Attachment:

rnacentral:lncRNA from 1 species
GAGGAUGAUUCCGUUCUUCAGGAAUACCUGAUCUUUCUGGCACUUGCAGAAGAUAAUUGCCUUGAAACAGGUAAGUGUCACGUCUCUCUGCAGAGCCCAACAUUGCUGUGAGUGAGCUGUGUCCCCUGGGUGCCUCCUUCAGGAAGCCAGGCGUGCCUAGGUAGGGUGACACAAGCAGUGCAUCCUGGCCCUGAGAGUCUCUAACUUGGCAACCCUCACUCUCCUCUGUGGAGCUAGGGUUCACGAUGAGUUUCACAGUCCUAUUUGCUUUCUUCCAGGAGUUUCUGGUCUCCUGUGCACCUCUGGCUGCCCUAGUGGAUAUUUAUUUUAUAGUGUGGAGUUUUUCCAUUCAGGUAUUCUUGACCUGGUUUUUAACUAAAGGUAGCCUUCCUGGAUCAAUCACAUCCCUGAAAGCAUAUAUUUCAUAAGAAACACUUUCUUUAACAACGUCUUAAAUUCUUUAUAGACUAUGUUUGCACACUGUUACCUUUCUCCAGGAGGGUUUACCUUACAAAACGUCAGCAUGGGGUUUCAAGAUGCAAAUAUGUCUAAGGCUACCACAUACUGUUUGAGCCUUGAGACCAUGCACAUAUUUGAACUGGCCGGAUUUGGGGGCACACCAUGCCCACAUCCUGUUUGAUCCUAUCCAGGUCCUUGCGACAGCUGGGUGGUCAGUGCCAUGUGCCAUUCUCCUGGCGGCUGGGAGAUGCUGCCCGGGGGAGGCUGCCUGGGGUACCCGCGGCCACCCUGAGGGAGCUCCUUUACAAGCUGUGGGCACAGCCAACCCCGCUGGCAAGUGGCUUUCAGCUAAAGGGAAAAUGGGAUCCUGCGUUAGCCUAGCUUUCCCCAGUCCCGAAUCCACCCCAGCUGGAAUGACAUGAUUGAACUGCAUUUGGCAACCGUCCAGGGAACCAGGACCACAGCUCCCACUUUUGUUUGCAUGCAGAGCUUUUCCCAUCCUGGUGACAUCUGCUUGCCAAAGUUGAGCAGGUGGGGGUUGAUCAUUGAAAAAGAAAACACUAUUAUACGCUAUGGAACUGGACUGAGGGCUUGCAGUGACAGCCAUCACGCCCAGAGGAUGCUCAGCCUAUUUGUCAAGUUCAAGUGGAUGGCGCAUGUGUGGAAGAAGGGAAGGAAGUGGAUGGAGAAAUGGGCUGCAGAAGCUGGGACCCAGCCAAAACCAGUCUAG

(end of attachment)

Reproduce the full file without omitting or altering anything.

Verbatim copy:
rnacentral:lncRNA from 1 species
GAGGAUGAUUCCGUUCUUCAGGAAUACCUGAUCUUUCUGGCACUUGCAGAAGAUAAUUGCCUUGAAACAGGUAAGUGUCACGUCUCUCUGCAGAGCCCAACAUUGCUGUGAGUGAGCUGUGUCCCCUGGGUGCCUCCUUCAGGAAGCCAGGCGUGCCUAGGUAGGGUGACACAAGCAGUGCAUCCUGGCCCUGAGAGUCUCUAACUUGGCAACCCUCACUCUCCUCUGUGGAGCUAGGGUUCACGAUGAGUUUCACAGUCCUAUUUGCUUUCUUCCAGGAGUUUCUGGUCUCCUGUGCACCUCUGGCUGCCCUAGUGGAUAUUUAUUUUAUAGUGUGGAGUUUUUCCAUUCAGGUAUUCUUGACCUGGUUUUUAACUAAAGGUAGCCUUCCUGGAUCAAUCACAUCCCUGAAAGCAUAUAUUUCAUAAGAAACACUUUCUUUAACAACGUCUUAAAUUCUUUAUAGACUAUGUUUGCACACUGUUACCUUUCUCCAGGAGGGUUUACCUUACAAAACGUCAGCAUGGGGUUUCAAGAUGCAAAUAUGUCUAAGGCUACCACAUACUGUUUGAGCCUUGAGACCAUGCACAUAUUUGAACUGGCCGGAUUUGGGGGCACACCAUGCCCACAUCCUGUUUGAUCCUAUCCAGGUCCUUGCGACAGCUGGGUGGUCAGUGCCAUGUGCCAUUCUCCUGGCGGCUGGGAGAUGCUGCCCGGGGGAGGCUGCCUGGGGUACCCGCGGCCACCCUGAGGGAGCUCCUUUACAAGCUGUGGGCACAGCCAACCCCGCUGGCAAGUGGCUUUCAGCUAAAGGGAAAAUGGGAUCCUGCGUUAGCCUAGCUUUCCCCAGUCCCGAAUCCACCCCAGCUGGAAUGACAUGAUUGAACUGCAUUUGGCAACCGUCCAGGGAACCAGGACCACAGCUCCCACUUUUGUUUGCAUGCAGAGCUUUUCCCAUCCUGGUGACAUCUGCUUGCCAAAGUUGAGCAGGUGGGGGUUGAUCAUUGAAAAAGAAAACACUAUUAUACGCUAUGGAACUGGACUGAGGGCUUGCAGUGACAGCCAUCACGCCCAGAGGAUGCUCAGCCUAUUUGUCAAGUUCAAGUGGAUGGCGCAUGUGUGGAAGAAGGGAAGGAAGUGGAUGGAGAAAUGGGCUGCAGAAGCUGGGACCCAGCCAAAACCAGUCUAG